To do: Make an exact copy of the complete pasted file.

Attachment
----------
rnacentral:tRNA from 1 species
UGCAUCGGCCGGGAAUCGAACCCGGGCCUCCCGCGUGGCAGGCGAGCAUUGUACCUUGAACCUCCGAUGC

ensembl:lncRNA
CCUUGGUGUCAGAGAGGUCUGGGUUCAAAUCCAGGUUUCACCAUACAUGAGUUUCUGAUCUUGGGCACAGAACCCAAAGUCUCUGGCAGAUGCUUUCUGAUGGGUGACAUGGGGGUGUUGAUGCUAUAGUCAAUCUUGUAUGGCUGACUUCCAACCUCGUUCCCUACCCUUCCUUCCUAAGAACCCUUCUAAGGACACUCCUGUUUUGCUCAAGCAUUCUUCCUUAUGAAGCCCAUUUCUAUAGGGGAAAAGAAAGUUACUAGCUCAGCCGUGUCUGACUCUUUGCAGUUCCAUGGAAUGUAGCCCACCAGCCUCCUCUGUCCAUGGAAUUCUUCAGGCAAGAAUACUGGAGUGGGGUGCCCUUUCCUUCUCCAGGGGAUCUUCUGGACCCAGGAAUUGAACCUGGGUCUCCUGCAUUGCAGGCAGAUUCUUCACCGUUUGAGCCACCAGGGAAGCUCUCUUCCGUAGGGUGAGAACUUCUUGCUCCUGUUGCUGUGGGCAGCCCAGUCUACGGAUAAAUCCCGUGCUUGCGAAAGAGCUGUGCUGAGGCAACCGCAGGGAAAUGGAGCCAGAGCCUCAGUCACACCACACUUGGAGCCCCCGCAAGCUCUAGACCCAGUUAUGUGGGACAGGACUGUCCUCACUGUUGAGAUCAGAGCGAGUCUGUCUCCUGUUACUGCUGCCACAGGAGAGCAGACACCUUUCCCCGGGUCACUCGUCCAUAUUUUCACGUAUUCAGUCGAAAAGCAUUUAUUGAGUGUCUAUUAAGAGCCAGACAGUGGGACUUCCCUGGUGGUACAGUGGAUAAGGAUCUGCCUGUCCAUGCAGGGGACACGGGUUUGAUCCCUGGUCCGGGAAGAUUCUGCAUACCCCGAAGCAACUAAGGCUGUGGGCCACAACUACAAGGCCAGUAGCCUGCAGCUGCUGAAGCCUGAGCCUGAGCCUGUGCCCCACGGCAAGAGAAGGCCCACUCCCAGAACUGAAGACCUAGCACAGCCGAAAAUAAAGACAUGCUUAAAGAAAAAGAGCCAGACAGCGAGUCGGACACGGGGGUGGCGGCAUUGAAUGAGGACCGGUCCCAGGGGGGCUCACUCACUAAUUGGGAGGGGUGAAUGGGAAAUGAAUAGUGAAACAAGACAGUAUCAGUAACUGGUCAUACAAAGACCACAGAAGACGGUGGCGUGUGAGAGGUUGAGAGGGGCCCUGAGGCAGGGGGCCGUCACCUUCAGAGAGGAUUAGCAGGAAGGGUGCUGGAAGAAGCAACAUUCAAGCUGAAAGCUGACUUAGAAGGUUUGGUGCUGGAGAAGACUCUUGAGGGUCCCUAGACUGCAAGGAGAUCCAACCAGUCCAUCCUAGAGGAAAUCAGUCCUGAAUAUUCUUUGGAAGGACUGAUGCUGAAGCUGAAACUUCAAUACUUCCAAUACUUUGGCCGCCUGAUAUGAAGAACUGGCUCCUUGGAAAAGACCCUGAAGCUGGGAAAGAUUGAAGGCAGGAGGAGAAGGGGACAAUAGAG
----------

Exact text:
rnacentral:tRNA from 1 species
UGCAUCGGCCGGGAAUCGAACCCGGGCCUCCCGCGUGGCAGGCGAGCAUUGUACCUUGAACCUCCGAUGC

ensembl:lncRNA
CCUUGGUGUCAGAGAGGUCUGGGUUCAAAUCCAGGUUUCACCAUACAUGAGUUUCUGAUCUUGGGCACAGAACCCAAAGUCUCUGGCAGAUGCUUUCUGAUGGGUGACAUGGGGGUGUUGAUGCUAUAGUCAAUCUUGUAUGGCUGACUUCCAACCUCGUUCCCUACCCUUCCUUCCUAAGAACCCUUCUAAGGACACUCCUGUUUUGCUCAAGCAUUCUUCCUUAUGAAGCCCAUUUCUAUAGGGGAAAAGAAAGUUACUAGCUCAGCCGUGUCUGACUCUUUGCAGUUCCAUGGAAUGUAGCCCACCAGCCUCCUCUGUCCAUGGAAUUCUUCAGGCAAGAAUACUGGAGUGGGGUGCCCUUUCCUUCUCCAGGGGAUCUUCUGGACCCAGGAAUUGAACCUGGGUCUCCUGCAUUGCAGGCAGAUUCUUCACCGUUUGAGCCACCAGGGAAGCUCUCUUCCGUAGGGUGAGAACUUCUUGCUCCUGUUGCUGUGGGCAGCCCAGUCUACGGAUAAAUCCCGUGCUUGCGAAAGAGCUGUGCUGAGGCAACCGCAGGGAAAUGGAGCCAGAGCCUCAGUCACACCACACUUGGAGCCCCCGCAAGCUCUAGACCCAGUUAUGUGGGACAGGACUGUCCUCACUGUUGAGAUCAGAGCGAGUCUGUCUCCUGUUACUGCUGCCACAGGAGAGCAGACACCUUUCCCCGGGUCACUCGUCCAUAUUUUCACGUAUUCAGUCGAAAAGCAUUUAUUGAGUGUCUAUUAAGAGCCAGACAGUGGGACUUCCCUGGUGGUACAGUGGAUAAGGAUCUGCCUGUCCAUGCAGGGGACACGGGUUUGAUCCCUGGUCCGGGAAGAUUCUGCAUACCCCGAAGCAACUAAGGCUGUGGGCCACAACUACAAGGCCAGUAGCCUGCAGCUGCUGAAGCCUGAGCCUGAGCCUGUGCCCCACGGCAAGAGAAGGCCCACUCCCAGAACUGAAGACCUAGCACAGCCGAAAAUAAAGACAUGCUUAAAGAAAAAGAGCCAGACAGCGAGUCGGACACGGGGGUGGCGGCAUUGAAUGAGGACCGGUCCCAGGGGGGCUCACUCACUAAUUGGGAGGGGUGAAUGGGAAAUGAAUAGUGAAACAAGACAGUAUCAGUAACUGGUCAUACAAAGACCACAGAAGACGGUGGCGUGUGAGAGGUUGAGAGGGGCCCUGAGGCAGGGGGCCGUCACCUUCAGAGAGGAUUAGCAGGAAGGGUGCUGGAAGAAGCAACAUUCAAGCUGAAAGCUGACUUAGAAGGUUUGGUGCUGGAGAAGACUCUUGAGGGUCCCUAGACUGCAAGGAGAUCCAACCAGUCCAUCCUAGAGGAAAUCAGUCCUGAAUAUUCUUUGGAAGGACUGAUGCUGAAGCUGAAACUUCAAUACUUCCAAUACUUUGGCCGCCUGAUAUGAAGAACUGGCUCCUUGGAAAAGACCCUGAAGCUGGGAAAGAUUGAAGGCAGGAGGAGAAGGGGACAAUAGAG